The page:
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Experiences

IWC’s New
Proprietary 52000-Calibre
Family

Date2015-01-19T05:30:00

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IWC 75 Years Portugieser

In 2015, IWC Schaffhausen will embark on a concerted campaign to develop more of its own movements. In the years ahead, this will result in the launch of three new calibre families, all made in Schaffhausen. The new movements, developed and produced in-house, will feature numerous technical improvements. Apart from these new elements, IWC’s calibres will undergo a design overhaul to enhance their aesthetic appeal. First out of the blocks is the newly developed 52000-calibre family, which is found in four models in the new Portugieser collection.

01. Maximum precision

Modern balance with Breguet spring generating a frequency of 28,800 beats per hour

02. 7-day power reserve

Two barrels build up an impressive 7-day power reserve

03. Highly efficient pellation automatic winding system

Highly efficient, bidirectional pawl-winding system

Automatic wheel and pawls made of ceramic for minimum wear and tear

04. Wear-resistant ceramic

The rotor bearing is made of extremely hard, white wear-resistant ceramic

05. Aesthetic enhancements

Rotor with 18-carat red gold medallion

Perpetual calendar models with exquisite blued screws and solid red gold rotor

06. Design modifications

The design and finish of the new calibre family have been enhanced

The slimmer proportions of the rotor provide a generous view of the new movement

The new IWC-manufactured calibres: beautiful, large and precise

The following animation provides an in-depth presentation of the technical innovations and attractive design of the movement in the new calibre family

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01

Maximum Precision

Modern balance with Breguet spring generating a frequency of 28,800 beats per hour

02

7‑day Power Reserve

Two barrels build up an impressive 7‑day power reserve

03

Highly efficient Pellaton Automatic Winding System

Highly efficient, bidirectional pawl‑winding system

Automatic wheel and pawls made of ceramic for minimum wear and tear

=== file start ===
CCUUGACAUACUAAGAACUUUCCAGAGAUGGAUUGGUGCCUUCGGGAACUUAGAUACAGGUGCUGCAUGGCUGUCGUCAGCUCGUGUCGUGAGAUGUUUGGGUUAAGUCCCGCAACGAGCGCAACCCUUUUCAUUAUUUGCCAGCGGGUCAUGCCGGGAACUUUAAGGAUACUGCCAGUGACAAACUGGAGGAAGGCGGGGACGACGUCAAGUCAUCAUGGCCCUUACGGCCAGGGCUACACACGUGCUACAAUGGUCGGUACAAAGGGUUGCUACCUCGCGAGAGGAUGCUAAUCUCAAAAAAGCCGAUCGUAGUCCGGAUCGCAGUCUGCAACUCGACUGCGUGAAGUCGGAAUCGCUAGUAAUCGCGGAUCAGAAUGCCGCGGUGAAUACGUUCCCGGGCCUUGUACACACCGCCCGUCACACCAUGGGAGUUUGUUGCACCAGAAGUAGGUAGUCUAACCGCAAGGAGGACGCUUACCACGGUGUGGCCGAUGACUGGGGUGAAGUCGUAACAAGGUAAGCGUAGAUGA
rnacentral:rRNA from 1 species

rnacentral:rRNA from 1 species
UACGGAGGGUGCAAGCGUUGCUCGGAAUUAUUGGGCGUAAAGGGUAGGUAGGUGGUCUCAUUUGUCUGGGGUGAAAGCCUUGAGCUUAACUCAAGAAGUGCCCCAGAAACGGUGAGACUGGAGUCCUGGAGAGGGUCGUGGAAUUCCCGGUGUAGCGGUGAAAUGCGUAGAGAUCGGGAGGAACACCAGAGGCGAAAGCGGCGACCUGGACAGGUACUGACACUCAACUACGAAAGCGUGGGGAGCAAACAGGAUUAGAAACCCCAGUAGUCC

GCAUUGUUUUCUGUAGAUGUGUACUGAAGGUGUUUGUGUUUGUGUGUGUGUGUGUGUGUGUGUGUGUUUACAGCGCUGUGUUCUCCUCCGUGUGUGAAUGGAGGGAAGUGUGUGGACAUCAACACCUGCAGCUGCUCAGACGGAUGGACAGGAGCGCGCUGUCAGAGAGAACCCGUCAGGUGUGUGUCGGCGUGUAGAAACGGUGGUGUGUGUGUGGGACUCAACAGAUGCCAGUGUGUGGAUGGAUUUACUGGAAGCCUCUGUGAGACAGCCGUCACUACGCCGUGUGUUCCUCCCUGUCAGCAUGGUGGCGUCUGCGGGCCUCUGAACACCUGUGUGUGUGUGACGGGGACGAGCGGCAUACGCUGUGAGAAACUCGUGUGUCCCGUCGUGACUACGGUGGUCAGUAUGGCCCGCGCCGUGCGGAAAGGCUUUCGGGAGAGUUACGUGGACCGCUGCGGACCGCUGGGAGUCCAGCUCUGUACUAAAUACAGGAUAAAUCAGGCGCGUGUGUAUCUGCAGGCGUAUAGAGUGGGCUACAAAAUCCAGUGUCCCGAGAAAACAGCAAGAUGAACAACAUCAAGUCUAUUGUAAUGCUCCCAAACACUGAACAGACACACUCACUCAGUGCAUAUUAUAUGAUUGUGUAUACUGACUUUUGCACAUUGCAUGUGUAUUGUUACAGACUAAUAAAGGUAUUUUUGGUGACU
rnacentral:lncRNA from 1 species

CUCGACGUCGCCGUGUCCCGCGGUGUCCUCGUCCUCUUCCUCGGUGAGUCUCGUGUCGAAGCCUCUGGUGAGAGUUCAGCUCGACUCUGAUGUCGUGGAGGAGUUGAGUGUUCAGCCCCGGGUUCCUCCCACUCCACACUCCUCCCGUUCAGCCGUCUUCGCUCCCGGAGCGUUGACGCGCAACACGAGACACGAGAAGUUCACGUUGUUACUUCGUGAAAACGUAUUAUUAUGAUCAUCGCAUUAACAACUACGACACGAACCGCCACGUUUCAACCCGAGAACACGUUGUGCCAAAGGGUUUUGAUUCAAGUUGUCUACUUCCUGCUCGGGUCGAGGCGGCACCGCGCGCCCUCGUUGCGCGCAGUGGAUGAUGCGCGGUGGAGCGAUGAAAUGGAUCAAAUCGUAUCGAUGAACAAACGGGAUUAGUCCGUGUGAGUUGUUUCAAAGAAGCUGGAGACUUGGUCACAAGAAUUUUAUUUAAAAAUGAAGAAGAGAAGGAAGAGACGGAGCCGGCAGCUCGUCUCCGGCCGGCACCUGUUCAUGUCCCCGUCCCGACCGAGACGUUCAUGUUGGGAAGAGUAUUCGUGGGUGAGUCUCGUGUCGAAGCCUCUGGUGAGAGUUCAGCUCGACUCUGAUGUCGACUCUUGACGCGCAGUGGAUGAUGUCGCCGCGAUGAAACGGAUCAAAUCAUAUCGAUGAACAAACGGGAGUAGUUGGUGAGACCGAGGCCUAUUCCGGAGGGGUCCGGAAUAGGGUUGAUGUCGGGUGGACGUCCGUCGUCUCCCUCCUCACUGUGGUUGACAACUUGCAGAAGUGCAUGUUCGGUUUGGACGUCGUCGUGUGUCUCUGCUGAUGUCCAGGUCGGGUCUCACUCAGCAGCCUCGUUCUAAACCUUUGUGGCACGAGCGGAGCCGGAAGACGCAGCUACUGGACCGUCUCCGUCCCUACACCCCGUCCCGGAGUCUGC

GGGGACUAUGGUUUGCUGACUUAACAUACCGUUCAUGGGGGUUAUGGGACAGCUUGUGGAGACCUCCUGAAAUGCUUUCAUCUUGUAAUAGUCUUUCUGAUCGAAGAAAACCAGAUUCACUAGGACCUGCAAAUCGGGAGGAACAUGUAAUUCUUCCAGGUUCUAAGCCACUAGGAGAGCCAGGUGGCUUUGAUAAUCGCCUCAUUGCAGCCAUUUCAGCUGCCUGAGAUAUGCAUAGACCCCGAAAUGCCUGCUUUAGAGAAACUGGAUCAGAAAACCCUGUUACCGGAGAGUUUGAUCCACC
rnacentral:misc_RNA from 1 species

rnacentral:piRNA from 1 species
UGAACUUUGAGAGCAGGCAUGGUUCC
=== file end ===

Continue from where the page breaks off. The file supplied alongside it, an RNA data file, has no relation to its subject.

04

Wear‑resistant Ceramic

The rotor bearing is made of extremely hard, white wear‑resistant ceramic

05

Aesthetic Enhancements

Rotor with 18‑carat red gold medallion

Perpetual calendar models with exquisite blued screws and solid red gold rotor

06

Design Modifications

The design and finish of the new calibre family have been enhanced

The slimmer proportions of the rotor provide a generous view of the new movement

Technical improvements for maximum precision

The IWC-manufactured movements in the new 52000-calibre family feature numerous technical upgrades. The indexless balance has an increased frequency of 4 hertz (28,800 beats per hour). Combined with a Breguet spring bent into shape using traditional methods, this guarantees maximum precision. The new family of movements is equipped with bidirectional Pellaton winding and two barrels. The latter supply the watches with a 7-day power reserve and drive energy-sapping complications such as the new annual calendar and the perpetual calendar.

IWC 52850 calibre
—IWC’s proprietary 52850 calibre has two barrels to provide the new function in the Portugieser Annual Calendar (Ref. 5035) with the energy it needs but still has plenty in store for the 7-day power reserve.

Another innovation in this particular drive is the material. The winding pawls and the automatic wheel are made of black ceramic, and the rotor bearing of white ceramic; or to be more precise, zirconium oxide. The use of these extremely hard high-tech materials has made the automatic winding mechanism practically free of wear and tear. Nevertheless, ceramics are very difficult to process and machine, so using them to make parts is unusual in the watch industry and further consolidates IWC’s role as a pioneer and materials innovator.

Enhancing the movement design

The 52000-calibre family also sets new aesthetic standards. The design and finish of the movements in the new calibre family have undergone another significant enhancement. The proportions of the rotor and the inset gold “Probus Scafusia” medallion are significantly less dominant. This provides a generous view through the transparent sapphire-glass back and into the watches’ inner workings. The improved Pellaton winding system with practically wear-free components made of black and white ceramic can also be seen quite clearly.

The calibres from the 52000 family chosen for Portugieser models with a perpetual calendar feature an engraved rotor made of solid 18-carat red gold. These also have blued screws – for many watch connoisseurs a sine qua non in an exquisitely made in-house movement. Together, the decorative circular graining and Geneva stripes, the interplay of red jewels, blue screws and black ceramic elements, and the red gold of the rotor convey an overall impression of quality thoroughly in keeping with an in-house movement such as this.